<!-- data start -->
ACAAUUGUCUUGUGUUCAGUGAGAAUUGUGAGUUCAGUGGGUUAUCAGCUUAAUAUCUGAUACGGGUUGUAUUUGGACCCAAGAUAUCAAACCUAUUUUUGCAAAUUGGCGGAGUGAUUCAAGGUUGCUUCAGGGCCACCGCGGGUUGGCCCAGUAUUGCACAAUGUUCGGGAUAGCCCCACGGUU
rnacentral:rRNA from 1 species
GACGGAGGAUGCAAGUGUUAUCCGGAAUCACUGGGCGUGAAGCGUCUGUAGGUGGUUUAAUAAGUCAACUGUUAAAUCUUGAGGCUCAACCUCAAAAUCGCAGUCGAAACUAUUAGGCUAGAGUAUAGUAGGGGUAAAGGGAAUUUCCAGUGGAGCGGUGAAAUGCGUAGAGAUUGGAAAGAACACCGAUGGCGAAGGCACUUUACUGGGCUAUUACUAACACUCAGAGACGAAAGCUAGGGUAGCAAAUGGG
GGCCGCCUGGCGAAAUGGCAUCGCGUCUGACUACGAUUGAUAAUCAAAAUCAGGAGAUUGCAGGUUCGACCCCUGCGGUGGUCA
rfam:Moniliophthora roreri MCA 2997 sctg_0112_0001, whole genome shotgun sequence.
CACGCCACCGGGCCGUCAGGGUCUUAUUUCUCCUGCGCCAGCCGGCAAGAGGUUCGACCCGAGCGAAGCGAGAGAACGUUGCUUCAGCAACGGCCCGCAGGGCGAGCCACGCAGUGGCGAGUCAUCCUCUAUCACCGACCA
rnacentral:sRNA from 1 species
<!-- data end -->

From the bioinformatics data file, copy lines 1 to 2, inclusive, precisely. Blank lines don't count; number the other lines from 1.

ACAAUUGUCUUGUGUUCAGUGAGAAUUGUGAGUUCAGUGGGUUAUCAGCUUAAUAUCUGAUACGGGUUGUAUUUGGACCCAAGAUAUCAAACCUAUUUUUGCAAAUUGGCGGAGUGAUUCAAGGUUGCUUCAGGGCCACCGCGGGUUGGCCCAGUAUUGCACAAUGUUCGGGAUAGCCCCACGGUU
rnacentral:rRNA from 1 species